Crime and punishment: Local court cases make headlines in 2019
By Scott Loftis
Crime and punishment dominated headlines in Carroll County for much of 2019, with several notable cases being closed and several more pending at the beginning of 2020.
No local case drew more attention than that of Belynda Goff, the Green Forest woman who was sentenced to life in prison for the 1994 murder of her husband, Stephen.
Before her original trial, Goff rejected an offer from prosecutors that would have required her to plead guilty to first-degree in exchange for a 10-year prison sentence.
Instead, a Carroll County jury found Goff guilty of first-degree murder in 1996 and sentenced her to life in prison. After the Arkansas Supreme Court ordered a re-sentencing hearing because the original trial judge had improper contact with jurors during their deliberations, a second jury in 1998 again sentenced Goff to life in prison.
Goff’s case eventually drew the attention of The Innocence Project, a nonprofit legal organization based in New York that works to exonerate wrongly convicted people, primarily through the use of DNA testing. Attorneys with The Innocence Project began representing Goff in 2014, and their efforts proved successful on June 26, 2019, when Carroll County Circuit Judge Scott Jackson ordered a new sentence for Goff: 393 months in prison, with 120 months suspended. He also ordered that Goff be given credit for the 273 months she had already served in state prison — making her a free woman for the first time in more than 22 years.
While Jackson’s re-sentencing order does not set aside Goff’s conviction, it notes his belief that a new trial would likely result in an acquittal, based on the facts that physical evidence in the case has been lost and at least two witnesses who could have provided potentially exculpatory testimony were not called to testify at Goff’s original trial.
Goff was released from the Carroll County Detention Center, where she had been held for the past few months to attend court proceedings, on June 27. While the Goff case was the most noteworthy to be resolved in 2019, it wasn’t the only case that reached a conclusion.
In April, Neal Scott Hagler of Berryville pleaded guilty to negligent homicide and other charges in connection with a vehicle accident that resulted in the death of Destiny Mock of Eagle Rock, Mo., in June 2018. In a deal with prosecutors, Hagler was sentenced to one year in the Carroll County Detention Center, with credit for 181 days he had already served, and 15 years’ probation. Hagler was released on Oct. 27.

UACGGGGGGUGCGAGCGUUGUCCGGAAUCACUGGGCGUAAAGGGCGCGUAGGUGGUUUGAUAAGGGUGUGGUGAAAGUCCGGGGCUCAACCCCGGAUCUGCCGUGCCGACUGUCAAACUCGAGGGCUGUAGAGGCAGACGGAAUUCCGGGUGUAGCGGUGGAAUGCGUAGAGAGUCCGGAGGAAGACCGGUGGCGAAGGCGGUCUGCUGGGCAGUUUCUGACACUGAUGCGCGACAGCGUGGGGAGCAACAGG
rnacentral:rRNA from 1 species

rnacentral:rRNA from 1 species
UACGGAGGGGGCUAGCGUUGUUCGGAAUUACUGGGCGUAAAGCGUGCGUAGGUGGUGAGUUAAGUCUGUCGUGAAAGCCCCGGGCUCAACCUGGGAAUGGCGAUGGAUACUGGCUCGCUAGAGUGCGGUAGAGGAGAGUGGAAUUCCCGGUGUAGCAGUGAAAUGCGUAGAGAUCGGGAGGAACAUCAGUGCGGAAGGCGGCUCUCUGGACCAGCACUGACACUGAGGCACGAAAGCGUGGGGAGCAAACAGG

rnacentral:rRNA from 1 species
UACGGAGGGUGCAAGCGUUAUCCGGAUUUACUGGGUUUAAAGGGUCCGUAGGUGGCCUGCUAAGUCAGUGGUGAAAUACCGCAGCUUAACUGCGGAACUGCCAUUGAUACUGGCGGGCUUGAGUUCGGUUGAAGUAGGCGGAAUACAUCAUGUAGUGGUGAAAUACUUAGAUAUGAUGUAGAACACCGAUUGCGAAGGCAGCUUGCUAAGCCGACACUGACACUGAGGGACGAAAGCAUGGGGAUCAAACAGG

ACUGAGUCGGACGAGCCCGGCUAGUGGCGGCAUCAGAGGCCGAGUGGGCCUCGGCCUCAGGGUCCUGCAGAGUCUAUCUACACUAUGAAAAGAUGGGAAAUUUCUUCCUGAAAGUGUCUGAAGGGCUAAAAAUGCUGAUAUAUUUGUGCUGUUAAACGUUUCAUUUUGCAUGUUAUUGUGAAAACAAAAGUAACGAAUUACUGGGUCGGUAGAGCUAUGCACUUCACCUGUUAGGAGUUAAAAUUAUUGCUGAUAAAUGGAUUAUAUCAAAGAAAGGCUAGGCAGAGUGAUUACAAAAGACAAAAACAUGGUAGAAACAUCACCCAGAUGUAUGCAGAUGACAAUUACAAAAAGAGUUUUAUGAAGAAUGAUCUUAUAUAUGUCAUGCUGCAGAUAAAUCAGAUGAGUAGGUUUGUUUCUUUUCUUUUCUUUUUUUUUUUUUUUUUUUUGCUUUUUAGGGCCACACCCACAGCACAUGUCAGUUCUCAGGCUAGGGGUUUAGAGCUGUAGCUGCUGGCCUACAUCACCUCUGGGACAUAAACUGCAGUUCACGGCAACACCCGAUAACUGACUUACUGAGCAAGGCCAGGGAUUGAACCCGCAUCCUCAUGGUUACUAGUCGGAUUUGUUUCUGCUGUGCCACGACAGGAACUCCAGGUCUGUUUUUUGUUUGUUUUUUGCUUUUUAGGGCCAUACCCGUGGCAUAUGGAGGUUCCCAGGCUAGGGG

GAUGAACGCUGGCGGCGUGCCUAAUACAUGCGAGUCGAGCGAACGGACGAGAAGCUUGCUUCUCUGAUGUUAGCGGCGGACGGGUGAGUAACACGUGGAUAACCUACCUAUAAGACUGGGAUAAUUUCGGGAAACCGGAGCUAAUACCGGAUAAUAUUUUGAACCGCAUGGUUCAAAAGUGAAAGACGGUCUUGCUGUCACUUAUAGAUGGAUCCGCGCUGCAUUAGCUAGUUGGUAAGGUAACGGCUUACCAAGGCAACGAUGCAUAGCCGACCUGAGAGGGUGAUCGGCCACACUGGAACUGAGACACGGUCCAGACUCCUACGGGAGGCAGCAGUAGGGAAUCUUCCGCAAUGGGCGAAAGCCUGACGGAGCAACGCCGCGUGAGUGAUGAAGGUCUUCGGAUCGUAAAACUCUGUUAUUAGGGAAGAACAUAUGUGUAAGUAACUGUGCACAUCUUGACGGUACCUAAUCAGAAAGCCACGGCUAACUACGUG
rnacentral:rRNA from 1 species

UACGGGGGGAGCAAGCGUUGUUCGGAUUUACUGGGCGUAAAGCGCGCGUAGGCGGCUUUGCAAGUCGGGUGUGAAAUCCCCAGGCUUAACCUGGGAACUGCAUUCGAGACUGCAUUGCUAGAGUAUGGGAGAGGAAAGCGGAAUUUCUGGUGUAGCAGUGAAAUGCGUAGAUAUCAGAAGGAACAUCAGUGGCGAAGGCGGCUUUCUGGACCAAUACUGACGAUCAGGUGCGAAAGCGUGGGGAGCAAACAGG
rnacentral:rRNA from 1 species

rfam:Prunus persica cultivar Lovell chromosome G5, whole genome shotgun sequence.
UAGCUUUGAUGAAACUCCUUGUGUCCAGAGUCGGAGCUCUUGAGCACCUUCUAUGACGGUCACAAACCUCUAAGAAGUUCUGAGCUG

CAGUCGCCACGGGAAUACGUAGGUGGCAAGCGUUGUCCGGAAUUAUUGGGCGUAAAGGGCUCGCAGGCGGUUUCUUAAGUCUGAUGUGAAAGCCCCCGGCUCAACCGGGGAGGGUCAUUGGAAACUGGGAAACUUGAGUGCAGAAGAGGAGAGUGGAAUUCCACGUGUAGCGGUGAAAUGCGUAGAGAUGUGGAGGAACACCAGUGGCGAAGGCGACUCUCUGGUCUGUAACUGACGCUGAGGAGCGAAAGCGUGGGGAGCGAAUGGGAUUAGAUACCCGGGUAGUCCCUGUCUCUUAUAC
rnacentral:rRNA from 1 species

In May, a federal judge sentenced Rodney Minner, owner of the Rowdy Beaver and the Rowdy Beaver Den & Tavern in Eureka Springs, to three years in federal prison and ordered him to pay more than $1 million in restitution after Minner pleaded guilty to a single count of failure to pay federal payroll taxes. As part of a plea agreement, prosecutors dropped the remaining 34 counts against Minner. Minner is serving his sentence at a medium-security federal penitentiary in Leavenworth, Kan., with a release date of Jan. 6, 2022.
In July, Jackson signed off on a document stating that no charges will be filed against Heath Wayne Owens, a Charleston man who had been arrested in April in connection with the June 2017 shooting death of his wife at a Eureka Springs rental cabin. Owens told deputies at the scene that his wife had committed suicide, but investigators reopened the case after lab results indicated there was gunshot residue on Owens’ hands and clothing immediately after the incident, according to an affidavit from the Carroll County Sheriff’s Office. Carroll County Prosecutor Tony Rogers has declined to comment on the case.
While those cases reached a final resolution in 2019, several other notable cases are still pending in Carroll County Circuit Court.
A Eureka Springs man, Joseph Linker, was arrested in May after his former live-in girlfriend told police that he held her against her will and raped her multiple times earlier that month at their apartment. Linker was released on a $50,000 bond but was arrested again in July after allegedly violating a no-contact order. After a hearing in late August, Special Circuit Judge Gary Arnold reinstated Linker’s original bond and he was released from the county jail later that day. The no-contact order was dismissed on Nov. 1, at the request of the alleged victim. Charges including rape and kidnapping are still pending against Linker, who pleaded not guilty at an arraignment hearing in July. As of Thursday, no date had been scheduled for Linker’s next court appearance.
In August, a standoff at a residence in Green Forest ended with the arrest of Dennis Lee Whitaker, who is accused of threatening a mass shooting at the Carroll County Eastern District Courthouse in Berryville.
According to an affidavit from the sheriff’s office, a county dispatcher received a tip that “Whitaker had stated he was planning to bring a gun to the circuit court house in Berryville and kill the people inside as well as himself to make a statement.”